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(Original post by

(1)+(2) have serious errors making them invalid. (3) looks ok.

To follow ghostwalker's example: I'm not going to reply further here.

**DFranklin**)(1)+(2) have serious errors making them invalid. (3) looks ok.

To follow ghostwalker's example: I'm not going to reply further here.

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#9

I'd show that if then doesn't divide one of a or b so we need . Clearly largest integer that satisfies this is the one where .

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I'd show that if then doesn't divide one of a or b so we need . Clearly largest integer that satisfies this is the one where .

**B_9710**)I'd show that if then doesn't divide one of a or b so we need . Clearly largest integer that satisfies this is the one where .

EDIT: Can I do the same with part 2 of my proof: , then it is definitely smaller than the minimum of m_i and l_i, whichever is the smaller. So, I can say it divides a and b, because it is smaller than both m_i and l_i. I feel the mistake in my proof starts where I say r_i + 1 <= l_i. Can you confirm that? Is it that I can't assume they have a difference of 1, it may be that r < m but r = 2, m = 5? etc... Then, I'm not sure how to continue from that point.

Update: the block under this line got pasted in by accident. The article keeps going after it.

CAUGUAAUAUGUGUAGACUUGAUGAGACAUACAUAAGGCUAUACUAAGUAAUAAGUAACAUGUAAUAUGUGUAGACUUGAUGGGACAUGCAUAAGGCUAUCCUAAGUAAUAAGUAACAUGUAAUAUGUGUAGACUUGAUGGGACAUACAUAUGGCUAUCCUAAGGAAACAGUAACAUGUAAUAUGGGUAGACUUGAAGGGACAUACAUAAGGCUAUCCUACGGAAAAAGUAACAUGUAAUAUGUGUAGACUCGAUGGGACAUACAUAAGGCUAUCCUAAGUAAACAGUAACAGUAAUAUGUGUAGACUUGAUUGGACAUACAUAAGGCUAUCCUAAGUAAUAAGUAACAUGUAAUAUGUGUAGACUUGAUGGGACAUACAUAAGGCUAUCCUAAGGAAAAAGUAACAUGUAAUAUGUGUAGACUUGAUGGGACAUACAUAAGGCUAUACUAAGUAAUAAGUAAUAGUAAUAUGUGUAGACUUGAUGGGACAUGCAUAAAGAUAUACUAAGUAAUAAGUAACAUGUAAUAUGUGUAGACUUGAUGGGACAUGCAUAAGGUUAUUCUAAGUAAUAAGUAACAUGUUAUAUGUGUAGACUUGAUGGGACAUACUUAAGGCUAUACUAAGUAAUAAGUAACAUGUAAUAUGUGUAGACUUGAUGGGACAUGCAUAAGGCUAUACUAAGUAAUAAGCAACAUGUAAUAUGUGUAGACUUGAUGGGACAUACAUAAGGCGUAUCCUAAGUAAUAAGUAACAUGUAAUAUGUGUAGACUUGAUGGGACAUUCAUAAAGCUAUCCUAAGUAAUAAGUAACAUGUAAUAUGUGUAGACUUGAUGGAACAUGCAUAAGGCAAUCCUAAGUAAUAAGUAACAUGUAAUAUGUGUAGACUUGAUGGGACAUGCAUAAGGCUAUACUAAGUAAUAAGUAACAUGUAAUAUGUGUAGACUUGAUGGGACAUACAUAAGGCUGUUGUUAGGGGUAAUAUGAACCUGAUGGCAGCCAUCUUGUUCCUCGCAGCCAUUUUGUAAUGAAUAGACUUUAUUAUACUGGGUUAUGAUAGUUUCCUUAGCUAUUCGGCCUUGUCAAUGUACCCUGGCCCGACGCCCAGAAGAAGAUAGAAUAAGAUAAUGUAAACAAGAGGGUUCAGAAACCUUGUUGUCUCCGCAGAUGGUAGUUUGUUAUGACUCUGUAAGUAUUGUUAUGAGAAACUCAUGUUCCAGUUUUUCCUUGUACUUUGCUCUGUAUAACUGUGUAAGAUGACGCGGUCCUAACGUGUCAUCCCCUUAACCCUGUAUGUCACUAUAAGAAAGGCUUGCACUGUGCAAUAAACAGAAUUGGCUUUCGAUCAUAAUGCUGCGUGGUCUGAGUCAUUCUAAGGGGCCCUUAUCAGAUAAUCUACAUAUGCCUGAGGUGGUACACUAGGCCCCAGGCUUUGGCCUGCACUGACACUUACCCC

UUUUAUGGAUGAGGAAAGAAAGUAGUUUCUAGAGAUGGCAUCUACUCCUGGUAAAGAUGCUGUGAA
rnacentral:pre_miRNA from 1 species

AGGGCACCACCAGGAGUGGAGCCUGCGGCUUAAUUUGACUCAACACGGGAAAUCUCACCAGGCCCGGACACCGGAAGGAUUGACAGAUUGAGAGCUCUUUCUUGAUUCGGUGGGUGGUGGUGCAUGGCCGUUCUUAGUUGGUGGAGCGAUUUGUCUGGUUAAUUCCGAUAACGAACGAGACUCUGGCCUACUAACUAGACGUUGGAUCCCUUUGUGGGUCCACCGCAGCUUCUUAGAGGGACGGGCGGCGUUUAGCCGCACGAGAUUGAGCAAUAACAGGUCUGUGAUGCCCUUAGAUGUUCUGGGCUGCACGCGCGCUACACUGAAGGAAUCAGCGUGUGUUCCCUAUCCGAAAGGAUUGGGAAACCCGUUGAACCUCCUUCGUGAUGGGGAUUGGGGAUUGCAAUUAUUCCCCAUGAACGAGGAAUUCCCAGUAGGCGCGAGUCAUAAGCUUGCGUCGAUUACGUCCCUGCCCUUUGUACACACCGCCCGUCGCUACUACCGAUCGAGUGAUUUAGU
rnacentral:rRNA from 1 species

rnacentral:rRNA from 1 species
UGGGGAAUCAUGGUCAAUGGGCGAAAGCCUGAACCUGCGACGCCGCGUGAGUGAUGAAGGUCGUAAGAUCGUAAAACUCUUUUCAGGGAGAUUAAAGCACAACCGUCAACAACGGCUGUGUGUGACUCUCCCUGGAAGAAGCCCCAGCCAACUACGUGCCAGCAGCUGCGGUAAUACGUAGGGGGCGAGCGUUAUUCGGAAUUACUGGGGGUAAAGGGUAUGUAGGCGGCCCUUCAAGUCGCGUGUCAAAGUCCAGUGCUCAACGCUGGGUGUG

I can only think of: If you choose e_i = min(m_i, l_i), then the product of all primes raised to the power of e_i for 1 <= i <= k, it divides both a and b, and therefore it is greater than r, so it is not the greatest common divisor?

Last edited by Chittesh14; 5 months ago

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#11

(Original post by

Yes, I think that's what I realised my mistake was: , then it is greater than the smaller out of the two, m_i and l_i. So, if it is greater than m_i, x can't divide b, if it is greater than l_i, x can't divide a. Oh, yeah, I get your approach now, thank you!

EDIT: Can I do the same with part 2 of my proof: , then it is definitely smaller than the minimum of m_i and l_i, whichever is the smaller. So, I can say it divides a and b, because it is smaller than both m_i and l_i. I feel the mistake in my proof starts where I say r_i + 1 <= l_i. Can you confirm that? Is it that I can't assume they have a difference of 1, it may be that r < m but r = 2, m = 5? etc... Then, I'm not sure how to continue from that point.

I can only think of: If you choose e_i = min(m_i, l_i), then the product of all primes raised to the power of e_i for 1 <= i <= k, it divides both a and b, and therefore it is greater than r, so it is not the greatest common divisor?